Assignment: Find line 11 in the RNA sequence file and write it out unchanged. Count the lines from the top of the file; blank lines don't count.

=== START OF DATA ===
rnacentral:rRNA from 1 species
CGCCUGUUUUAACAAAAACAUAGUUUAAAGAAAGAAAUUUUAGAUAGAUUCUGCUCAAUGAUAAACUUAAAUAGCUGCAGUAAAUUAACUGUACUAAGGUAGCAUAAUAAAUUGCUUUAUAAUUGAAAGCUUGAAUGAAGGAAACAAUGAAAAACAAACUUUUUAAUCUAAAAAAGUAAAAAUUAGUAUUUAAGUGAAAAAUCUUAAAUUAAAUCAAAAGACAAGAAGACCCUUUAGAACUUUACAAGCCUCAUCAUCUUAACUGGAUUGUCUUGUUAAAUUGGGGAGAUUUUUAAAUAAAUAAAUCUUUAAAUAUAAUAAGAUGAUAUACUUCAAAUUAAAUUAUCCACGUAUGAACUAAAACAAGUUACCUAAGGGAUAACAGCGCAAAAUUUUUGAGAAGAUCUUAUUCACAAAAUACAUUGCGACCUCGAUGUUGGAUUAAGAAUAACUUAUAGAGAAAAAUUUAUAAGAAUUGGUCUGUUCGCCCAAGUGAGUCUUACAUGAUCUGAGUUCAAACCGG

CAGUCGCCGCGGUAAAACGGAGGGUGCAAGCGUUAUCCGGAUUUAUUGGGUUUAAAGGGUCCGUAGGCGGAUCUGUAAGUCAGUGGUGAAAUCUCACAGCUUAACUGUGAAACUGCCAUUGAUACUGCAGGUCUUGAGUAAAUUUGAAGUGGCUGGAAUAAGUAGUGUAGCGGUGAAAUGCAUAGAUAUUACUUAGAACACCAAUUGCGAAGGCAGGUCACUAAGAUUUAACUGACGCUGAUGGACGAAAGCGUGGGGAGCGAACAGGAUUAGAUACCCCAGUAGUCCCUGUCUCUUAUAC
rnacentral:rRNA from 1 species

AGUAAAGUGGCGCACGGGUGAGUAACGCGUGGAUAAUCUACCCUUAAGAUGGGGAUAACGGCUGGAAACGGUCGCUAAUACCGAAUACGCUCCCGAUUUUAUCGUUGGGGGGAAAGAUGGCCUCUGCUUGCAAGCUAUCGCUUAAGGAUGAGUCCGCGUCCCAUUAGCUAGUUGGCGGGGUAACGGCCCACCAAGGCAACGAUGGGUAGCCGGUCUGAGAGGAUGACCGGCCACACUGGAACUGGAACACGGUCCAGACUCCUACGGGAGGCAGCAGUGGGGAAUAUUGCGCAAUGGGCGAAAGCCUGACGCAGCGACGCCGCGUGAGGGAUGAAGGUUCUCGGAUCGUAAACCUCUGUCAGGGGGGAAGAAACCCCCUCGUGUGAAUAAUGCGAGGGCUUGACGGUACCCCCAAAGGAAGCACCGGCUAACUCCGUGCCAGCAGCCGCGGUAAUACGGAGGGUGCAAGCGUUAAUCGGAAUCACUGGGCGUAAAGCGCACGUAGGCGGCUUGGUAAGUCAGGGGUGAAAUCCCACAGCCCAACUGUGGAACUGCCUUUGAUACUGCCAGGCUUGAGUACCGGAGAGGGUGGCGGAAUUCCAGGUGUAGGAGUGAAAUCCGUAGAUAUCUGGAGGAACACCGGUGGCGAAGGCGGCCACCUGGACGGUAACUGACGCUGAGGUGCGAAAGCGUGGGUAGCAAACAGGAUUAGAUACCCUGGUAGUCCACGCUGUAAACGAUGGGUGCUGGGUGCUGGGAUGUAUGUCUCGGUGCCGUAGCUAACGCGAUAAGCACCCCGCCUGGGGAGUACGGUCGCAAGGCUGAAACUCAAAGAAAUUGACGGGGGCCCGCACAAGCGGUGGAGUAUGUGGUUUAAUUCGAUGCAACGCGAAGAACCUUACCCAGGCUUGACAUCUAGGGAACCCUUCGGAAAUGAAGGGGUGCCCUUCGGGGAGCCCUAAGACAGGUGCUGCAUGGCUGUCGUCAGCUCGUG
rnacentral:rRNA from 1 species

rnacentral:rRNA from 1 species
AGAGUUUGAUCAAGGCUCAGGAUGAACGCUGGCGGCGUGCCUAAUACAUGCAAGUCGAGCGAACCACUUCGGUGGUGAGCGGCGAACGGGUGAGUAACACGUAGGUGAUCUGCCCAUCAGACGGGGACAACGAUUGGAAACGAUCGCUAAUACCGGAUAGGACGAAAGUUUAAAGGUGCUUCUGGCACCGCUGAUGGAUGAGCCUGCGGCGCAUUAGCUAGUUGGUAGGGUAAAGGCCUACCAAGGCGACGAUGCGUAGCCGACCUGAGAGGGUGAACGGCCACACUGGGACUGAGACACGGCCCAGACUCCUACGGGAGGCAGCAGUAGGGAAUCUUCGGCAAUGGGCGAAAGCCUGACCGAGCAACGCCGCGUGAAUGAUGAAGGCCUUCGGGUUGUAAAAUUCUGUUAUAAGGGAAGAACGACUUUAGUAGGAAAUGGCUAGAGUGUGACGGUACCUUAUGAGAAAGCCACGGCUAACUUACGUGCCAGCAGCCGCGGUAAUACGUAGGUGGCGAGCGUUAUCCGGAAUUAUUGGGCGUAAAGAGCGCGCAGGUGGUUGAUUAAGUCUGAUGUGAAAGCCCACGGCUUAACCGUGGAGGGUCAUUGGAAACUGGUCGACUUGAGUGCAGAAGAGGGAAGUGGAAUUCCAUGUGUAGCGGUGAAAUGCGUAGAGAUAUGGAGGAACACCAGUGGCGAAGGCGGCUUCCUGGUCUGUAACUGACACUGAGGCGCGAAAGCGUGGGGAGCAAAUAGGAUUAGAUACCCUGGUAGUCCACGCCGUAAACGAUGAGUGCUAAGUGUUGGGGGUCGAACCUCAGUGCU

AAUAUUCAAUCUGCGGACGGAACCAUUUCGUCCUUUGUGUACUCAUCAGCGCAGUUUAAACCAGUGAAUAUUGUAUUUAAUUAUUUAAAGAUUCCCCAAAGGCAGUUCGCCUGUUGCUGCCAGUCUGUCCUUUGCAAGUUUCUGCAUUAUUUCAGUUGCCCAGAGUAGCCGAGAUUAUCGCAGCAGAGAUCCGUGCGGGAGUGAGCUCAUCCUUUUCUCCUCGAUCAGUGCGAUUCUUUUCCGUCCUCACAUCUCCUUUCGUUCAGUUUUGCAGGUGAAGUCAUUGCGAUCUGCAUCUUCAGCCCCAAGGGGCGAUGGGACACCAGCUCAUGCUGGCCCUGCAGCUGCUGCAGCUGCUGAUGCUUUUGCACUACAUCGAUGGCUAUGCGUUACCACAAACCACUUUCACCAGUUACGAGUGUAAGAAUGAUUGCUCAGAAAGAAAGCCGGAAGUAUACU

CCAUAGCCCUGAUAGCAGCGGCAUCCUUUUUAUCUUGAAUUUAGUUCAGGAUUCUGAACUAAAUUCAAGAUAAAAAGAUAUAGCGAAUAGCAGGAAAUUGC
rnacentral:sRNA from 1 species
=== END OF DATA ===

rnacentral:sRNA from 1 species